While the Chinese would never vote for the use of force, they have begun to vote, reluctantly and selectively, for sanctions. Thus, they voted for all eleven earlier UN Security Council resolutions against Iraq such as No. 661 (regarding military and economic sanctions), 665 (naval blockade) and 670 (air blockade). This precedent that was later repeated in the cases of Libya and Iran, but not in the case of Syria. Still, Beijing’s ‘intervention’ in the first Gulf War should be interpreted not in regional but in international terms. It had been motivated less by the conflict in the Middle East and more by Beijing’s expected gains – and it worked. Shortly afterwards, Sino-US political and economic relations resumed and Deng Xiaoping said that the abstention ‘showed the whole world that China has a decisive say in solving major disputes in the world. Our foreign policy is firm and principled’.
Also contrary to conventional wisdom, Beijing supported at least seven UN Security Council resolutions imposing a variety of sanctions on Iran from 2006 to 2011 (Resolutions 1696, 1737, 1747, 1803, 1835, 1929 and 1984). While some of these resolutions had been diluted as a result of Chinese pressure, others imposed an arms embargo and called Iran to suspend all nuclear enrichment and reprocessing activities. It is true that Beijing tried to slow down and delay these resolutions but by no means could it be regarded as indifferent or inactive. Though China abstained on most UN Security Council resolutions imposing a variety of sanctions on Sudan, it still voted (along with the US) for resolution 2035 (17 February 2012), which imposed sanctions on individuals and entities blamed for “impeding peace in Sudan”, as well as 2046 (2 May 2012) that threatened to use sanctions against Sudan.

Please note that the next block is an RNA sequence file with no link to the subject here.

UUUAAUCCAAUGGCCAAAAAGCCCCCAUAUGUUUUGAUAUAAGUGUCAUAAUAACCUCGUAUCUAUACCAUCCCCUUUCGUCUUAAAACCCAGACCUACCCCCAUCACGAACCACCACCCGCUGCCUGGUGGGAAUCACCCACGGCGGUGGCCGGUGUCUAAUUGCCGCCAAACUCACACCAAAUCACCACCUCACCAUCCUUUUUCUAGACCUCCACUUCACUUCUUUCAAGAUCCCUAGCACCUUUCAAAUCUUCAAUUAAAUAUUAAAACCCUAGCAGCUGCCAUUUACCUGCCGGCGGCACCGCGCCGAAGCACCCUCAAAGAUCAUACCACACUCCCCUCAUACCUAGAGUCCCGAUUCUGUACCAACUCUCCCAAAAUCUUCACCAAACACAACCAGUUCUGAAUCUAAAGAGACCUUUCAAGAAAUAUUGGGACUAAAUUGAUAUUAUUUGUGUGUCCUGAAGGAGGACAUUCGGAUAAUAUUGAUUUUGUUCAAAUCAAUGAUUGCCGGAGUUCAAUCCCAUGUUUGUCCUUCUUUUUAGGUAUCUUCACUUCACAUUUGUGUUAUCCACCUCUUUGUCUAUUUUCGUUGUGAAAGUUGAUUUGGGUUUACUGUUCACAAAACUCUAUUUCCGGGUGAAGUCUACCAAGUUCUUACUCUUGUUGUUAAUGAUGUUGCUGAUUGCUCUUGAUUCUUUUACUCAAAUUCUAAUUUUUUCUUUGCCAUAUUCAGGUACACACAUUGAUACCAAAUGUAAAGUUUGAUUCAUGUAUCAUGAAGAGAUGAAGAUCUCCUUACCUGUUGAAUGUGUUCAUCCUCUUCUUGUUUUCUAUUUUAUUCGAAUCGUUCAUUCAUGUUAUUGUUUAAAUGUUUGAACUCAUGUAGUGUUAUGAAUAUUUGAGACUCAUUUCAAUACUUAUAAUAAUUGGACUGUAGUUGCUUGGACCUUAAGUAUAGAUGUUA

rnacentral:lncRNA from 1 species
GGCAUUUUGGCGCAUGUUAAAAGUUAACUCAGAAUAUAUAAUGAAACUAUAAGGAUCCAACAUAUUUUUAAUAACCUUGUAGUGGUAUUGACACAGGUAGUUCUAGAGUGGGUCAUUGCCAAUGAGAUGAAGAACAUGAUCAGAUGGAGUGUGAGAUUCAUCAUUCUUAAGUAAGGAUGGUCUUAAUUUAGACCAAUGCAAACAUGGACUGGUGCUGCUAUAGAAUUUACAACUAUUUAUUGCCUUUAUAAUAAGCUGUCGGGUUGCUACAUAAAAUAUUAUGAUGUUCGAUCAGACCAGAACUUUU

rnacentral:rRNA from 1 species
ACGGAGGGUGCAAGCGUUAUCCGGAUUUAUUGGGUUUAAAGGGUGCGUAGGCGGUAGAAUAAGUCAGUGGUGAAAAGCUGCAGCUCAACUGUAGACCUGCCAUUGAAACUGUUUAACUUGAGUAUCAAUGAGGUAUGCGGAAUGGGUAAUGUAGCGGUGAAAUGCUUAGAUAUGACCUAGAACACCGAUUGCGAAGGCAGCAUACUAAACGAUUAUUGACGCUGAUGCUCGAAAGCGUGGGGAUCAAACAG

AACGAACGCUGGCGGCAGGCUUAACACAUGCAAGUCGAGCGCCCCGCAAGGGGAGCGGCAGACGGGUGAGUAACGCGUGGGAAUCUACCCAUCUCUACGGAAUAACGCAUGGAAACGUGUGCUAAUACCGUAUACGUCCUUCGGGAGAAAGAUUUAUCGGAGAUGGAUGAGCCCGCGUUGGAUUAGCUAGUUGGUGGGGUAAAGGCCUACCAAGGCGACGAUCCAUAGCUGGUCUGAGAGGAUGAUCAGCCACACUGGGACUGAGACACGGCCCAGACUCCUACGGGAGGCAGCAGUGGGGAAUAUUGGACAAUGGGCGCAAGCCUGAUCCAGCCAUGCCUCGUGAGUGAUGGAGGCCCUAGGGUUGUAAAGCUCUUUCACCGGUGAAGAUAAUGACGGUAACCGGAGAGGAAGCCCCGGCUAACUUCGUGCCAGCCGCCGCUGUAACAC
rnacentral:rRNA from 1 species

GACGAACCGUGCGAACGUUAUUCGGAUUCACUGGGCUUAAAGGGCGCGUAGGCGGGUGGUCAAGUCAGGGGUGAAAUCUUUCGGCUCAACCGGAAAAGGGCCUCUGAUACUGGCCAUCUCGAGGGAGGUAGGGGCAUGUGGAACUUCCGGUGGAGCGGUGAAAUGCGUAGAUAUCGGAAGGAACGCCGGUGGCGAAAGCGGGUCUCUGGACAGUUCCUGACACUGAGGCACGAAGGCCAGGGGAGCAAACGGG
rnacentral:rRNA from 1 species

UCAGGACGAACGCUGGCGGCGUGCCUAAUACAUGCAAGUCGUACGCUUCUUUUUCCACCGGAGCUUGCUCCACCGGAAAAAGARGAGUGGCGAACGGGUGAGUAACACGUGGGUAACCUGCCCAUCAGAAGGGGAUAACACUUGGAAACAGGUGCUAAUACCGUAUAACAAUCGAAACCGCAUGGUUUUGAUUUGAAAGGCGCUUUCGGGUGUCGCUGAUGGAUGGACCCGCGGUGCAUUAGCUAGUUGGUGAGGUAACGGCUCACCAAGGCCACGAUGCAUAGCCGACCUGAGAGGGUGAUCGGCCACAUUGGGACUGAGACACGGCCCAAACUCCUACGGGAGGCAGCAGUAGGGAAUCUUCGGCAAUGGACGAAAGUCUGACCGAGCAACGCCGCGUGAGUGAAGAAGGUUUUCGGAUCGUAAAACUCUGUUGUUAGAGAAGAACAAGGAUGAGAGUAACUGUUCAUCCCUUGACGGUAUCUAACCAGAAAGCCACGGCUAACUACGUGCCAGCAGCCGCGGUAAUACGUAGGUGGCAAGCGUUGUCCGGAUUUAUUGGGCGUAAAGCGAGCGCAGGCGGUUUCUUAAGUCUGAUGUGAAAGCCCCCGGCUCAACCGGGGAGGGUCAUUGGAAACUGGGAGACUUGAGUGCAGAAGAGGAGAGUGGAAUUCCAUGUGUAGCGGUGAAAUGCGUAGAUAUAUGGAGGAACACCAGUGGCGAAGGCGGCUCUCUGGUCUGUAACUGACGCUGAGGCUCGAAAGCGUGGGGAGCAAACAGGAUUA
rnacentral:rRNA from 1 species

In addition Beijing, which initially rejected the use of UN peacekeeping forces, decided to become involved. In 1988 China voted for all UN resolutions concerning peacekeeping operations – for the first time. In 1990 five PLA observers joined the UN Truce Supervision Organisation (UNTSO) to monitor the Israel-Syria agreements. From April 1991 to October 2003 Beijing sent 12 officers to UNIKOM (United Nations Iraq-Kuwait Observation Mission). As of the end of October 2014 China has 218 peacekeepers attached to UNIFIL (United Nations Interim Force in Lebanon) and four to UNTSO. Another 233 are deployed with UNAMID (UN-African Union Hybrid Operations in Darfur) and 353 with UNMISS (UN Mission in the Republic of Southern Sudan). Of China’s total 2,183 peacekeepers, only 222 are in the Middle East proper (10.2 per cent).